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Is Jose Aldo The Greatest Fighter You Never Heard Of?

Submitted by on April 26, 2010 – 10:28 am5 Comments

WEC 48 “Aldo vs. Faber” was supposed to be a battle between two of the world’s best 145-lbs. fighters. Although Jose Aldo was a 2-1 favorite, many thought that Urijah Faber would provide a stiff challenge and could match the Brazilian with his unique style and extraordinary speed. What transpired on Saturday night in front of Faber’s hometown Sacramento fans was the sort of beautiful brutality that left Faber fans in tears and boosted Jose Aldo into the upper echelons of the fictional “pound for pound” best-fighter-in-the-world standings. Aldo’s five round shellacking of Faber proved his skill level is easily on another planet in comparison to other 145 lbs. fighters.

Prior to the wicked dismantling of Urijah Faber, Aldo had already left carnage in the cage as he amassed a 16-1 record while obliterating the opposition. The six fights before Faber all ended in knockouts—three of which came in the first frame. He earned the WEC Featherweight Championship when he easily crushed then-champion Mike Brown in the second round of an extremely one-sided affair. The tremors of his undeniable talent at the tender age of 23 sent shock waves through the MMA world. It wasn’t simply the fact that he was wiping out his opponents; if you looked very close at Aldo’s fights, the Brazilian has rarely been touched. He’s a world class Brazilian jiujitsu practitioner who many MMA fans have never seen on the ground. He’s just so good at using his hands and feet as lethal weapons that many of his fights never touch the ground—unless we’re speaking of the competition sinking to the canvas unconscious, courtesy of Aldo’s strikes.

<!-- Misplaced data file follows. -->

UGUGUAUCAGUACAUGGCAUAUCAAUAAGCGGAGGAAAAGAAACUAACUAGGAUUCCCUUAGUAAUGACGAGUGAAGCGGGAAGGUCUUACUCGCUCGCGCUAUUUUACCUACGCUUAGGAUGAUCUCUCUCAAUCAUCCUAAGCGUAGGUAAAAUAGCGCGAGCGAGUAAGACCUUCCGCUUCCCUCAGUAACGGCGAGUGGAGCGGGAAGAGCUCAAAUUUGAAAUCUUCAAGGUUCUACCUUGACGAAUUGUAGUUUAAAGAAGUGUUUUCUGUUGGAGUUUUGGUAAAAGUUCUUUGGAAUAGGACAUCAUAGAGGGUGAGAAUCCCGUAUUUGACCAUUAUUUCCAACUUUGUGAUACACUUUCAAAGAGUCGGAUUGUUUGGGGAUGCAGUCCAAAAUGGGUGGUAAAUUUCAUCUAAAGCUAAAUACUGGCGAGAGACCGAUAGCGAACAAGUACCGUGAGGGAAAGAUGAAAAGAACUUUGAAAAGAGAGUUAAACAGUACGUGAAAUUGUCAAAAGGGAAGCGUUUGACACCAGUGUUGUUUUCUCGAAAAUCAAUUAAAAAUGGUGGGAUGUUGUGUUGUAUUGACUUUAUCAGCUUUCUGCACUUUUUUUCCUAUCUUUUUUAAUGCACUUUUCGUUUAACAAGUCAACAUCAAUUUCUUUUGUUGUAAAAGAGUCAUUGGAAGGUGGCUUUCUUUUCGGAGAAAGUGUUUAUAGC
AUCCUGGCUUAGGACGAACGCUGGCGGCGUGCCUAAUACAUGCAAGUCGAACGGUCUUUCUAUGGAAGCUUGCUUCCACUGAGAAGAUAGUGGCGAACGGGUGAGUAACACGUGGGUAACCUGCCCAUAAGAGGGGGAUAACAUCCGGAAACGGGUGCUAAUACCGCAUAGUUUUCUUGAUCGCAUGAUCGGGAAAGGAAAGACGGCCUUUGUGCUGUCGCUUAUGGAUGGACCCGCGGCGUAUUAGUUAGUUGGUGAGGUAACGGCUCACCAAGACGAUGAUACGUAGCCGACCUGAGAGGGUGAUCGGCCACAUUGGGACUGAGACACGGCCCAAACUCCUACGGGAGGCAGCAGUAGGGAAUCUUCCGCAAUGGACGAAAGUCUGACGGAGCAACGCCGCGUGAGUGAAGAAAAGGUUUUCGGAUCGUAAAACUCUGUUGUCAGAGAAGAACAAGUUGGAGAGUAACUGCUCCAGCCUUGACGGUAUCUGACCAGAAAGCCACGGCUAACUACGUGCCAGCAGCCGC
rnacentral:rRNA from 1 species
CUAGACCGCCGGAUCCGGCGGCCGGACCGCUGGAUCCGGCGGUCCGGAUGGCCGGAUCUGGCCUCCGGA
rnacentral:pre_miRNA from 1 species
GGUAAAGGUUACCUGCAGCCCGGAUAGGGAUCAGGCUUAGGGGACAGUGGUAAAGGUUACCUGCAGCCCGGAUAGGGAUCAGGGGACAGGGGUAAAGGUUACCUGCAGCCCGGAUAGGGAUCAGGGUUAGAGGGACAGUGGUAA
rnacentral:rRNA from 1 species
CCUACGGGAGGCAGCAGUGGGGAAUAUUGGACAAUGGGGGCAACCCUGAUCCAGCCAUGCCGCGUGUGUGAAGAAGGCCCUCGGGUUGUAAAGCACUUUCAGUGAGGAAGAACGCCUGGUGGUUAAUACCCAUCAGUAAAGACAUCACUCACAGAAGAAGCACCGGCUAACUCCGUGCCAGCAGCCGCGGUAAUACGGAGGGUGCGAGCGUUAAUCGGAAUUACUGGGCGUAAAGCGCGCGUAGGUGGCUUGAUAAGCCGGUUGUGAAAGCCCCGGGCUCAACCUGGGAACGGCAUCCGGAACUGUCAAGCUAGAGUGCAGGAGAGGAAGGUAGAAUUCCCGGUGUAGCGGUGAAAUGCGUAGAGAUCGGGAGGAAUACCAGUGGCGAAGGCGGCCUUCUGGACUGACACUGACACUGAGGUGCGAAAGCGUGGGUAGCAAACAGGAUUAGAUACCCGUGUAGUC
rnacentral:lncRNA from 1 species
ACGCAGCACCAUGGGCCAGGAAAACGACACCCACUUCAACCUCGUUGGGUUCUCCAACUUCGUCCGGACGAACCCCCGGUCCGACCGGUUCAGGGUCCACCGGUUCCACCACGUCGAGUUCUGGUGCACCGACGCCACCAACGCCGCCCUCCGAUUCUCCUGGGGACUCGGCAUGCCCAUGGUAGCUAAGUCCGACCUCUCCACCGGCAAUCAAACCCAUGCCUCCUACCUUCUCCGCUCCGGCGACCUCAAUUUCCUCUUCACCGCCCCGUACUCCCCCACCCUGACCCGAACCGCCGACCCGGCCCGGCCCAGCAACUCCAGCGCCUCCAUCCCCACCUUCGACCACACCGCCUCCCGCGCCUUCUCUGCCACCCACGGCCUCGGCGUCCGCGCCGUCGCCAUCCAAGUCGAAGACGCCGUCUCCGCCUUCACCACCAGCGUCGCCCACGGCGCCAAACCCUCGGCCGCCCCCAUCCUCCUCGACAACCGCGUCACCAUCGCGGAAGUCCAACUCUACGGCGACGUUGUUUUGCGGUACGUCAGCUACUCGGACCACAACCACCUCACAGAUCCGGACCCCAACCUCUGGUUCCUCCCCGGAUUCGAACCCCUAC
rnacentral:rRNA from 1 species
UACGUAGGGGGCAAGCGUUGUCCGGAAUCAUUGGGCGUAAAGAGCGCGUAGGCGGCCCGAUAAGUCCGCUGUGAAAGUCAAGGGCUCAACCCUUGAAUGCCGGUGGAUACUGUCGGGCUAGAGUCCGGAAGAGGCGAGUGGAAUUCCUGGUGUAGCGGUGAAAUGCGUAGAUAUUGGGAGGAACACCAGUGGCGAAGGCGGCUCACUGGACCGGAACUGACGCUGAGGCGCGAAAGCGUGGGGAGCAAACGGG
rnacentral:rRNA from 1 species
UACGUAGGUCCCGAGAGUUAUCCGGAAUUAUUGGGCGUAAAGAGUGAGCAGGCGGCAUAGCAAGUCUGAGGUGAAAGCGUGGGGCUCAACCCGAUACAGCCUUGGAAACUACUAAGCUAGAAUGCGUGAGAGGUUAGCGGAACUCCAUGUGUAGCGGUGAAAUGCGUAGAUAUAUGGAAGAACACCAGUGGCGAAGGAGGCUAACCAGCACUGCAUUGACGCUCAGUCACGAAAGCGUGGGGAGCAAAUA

Yes, Aldo has one loss on his record. He was choked out back in 2005 against Luciano Azevedo. Aldo was 19-years-old and in MMA; everyone can lose. Outside of that single blemish, Aldo’s been damn good.

What he did to Urijah Faber was a display of talent seldom seen in a fight between two athletes considered the best in the division. Aldo wickedly went to work with kicks on Faber’s left leg and did so much damage Faber had to be picked up and carried back to his corner.  “The California Kid” had absolutely nothing for Aldo on this night. It was as if an older brother was toying with his younger sibling. He knew he could finish Faber off at any time, but appeared to have mercy in his soul as he simply dissected him for five rounds en route to a one-sided, unanimous-decision victory.

The hard part now is to find worthy competition for Aldo. Perhaps there is someone out there that can lay a finger on the champion and challenge him for five rounds. That person hasn’t been found yet. The scary thing is, Aldo hasn’t even peaked as a fighter. Those that are considered the best today—Anderson Silva (35), Georges St. Pierre (28), Fedor Emelianenko (33) and Lyoto Machida (31) all are at least five years older than Aldo. If he continues wrecking fighters at this pace, how long will it be before he enters the debate as the best pound-for-pound fighter in the world? We’ll just have to wait and see.

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